Saturday, June 20, 2009

Senate Apologizes for Slavery

On his Atlantic blog, Ta-Nehisi Coates notes that the Senate passed a resolution apologizing for slavery. The comment thread below this post included the following exchange:

Apparently, a lot of members of the CBC [Congressional Black Caucus] aren't happy with the verbiage. They say it allows the State to dip out of any further responsibility. My hometown's Rep was quoted...

"The language is unacceptable," said Rep. William Lacy Clay, D-Mo., "I'm a reparations man — how else do you repair the damage?"

I have to admit that this made me shudder a bit.

Yeah I was hoping there'd be a legal opening for civil action also.

No, this makes me shudder for St. Louis. The town is ass backwards when it comes to race relations. Gotta be one of the worst in the country. That comment is not going to go over well, but Clay doesn't need the white vote to win...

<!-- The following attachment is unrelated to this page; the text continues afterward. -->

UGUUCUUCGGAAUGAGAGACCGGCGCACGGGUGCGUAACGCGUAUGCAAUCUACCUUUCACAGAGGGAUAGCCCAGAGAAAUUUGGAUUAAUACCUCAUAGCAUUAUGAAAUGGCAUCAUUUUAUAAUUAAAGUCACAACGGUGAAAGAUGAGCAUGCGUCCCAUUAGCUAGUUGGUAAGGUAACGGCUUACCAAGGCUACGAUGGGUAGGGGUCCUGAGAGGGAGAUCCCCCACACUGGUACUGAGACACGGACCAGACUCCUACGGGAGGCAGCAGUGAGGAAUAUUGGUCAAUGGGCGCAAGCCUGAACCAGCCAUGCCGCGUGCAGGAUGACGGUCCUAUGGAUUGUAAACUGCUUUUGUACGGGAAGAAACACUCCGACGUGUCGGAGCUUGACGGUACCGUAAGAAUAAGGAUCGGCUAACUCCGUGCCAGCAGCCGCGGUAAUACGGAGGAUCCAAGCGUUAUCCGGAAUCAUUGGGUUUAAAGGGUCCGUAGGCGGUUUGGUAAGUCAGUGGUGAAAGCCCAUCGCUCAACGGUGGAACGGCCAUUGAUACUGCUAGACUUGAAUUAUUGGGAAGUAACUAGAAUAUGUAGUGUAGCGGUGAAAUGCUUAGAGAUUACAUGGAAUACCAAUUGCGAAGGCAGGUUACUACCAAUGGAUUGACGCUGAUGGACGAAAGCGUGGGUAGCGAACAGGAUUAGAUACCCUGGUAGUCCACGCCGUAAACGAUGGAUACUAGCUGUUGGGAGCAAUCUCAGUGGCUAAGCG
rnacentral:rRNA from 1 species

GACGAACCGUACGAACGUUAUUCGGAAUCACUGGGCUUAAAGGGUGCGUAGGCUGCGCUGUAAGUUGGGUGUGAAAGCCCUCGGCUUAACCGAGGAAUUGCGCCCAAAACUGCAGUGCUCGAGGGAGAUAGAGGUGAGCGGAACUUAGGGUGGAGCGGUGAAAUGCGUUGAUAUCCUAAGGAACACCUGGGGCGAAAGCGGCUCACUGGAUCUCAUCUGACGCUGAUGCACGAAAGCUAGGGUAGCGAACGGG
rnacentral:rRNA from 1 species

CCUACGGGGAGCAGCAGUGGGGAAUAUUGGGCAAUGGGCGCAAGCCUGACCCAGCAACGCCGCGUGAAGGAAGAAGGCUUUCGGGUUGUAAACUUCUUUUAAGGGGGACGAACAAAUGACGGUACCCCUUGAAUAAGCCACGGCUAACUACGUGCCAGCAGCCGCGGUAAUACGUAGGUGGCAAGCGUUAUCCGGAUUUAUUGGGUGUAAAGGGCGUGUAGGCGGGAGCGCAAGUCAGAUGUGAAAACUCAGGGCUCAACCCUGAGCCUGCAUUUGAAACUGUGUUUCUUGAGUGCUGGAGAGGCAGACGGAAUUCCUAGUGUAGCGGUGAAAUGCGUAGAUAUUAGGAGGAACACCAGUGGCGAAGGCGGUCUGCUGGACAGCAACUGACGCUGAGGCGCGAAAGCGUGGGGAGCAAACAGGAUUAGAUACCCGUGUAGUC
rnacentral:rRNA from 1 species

I aint payin a dime for 'reparations' and I'd say the same thing if I was white.

Well you're not sitting on the Board of Directors for companies like Aetna which has direct ties to slavery and still exists today, either. If you were, I'd be putting your company in the crosshairs and rightfully so.

After reading that last comment by Juba, curiosity prompted me to look up the board of directors of Aetna. Aetna's board includes three African American directors -- one of whom, Ronald A. Williams, is the company's CEO. Pictured above are, from left, Mr. Williams, and Aetna's other two African American directors, Frank Clark, the CEO of Commonwealth Edison, and Earl Graves, the publisher of Black Enterprise magazine.

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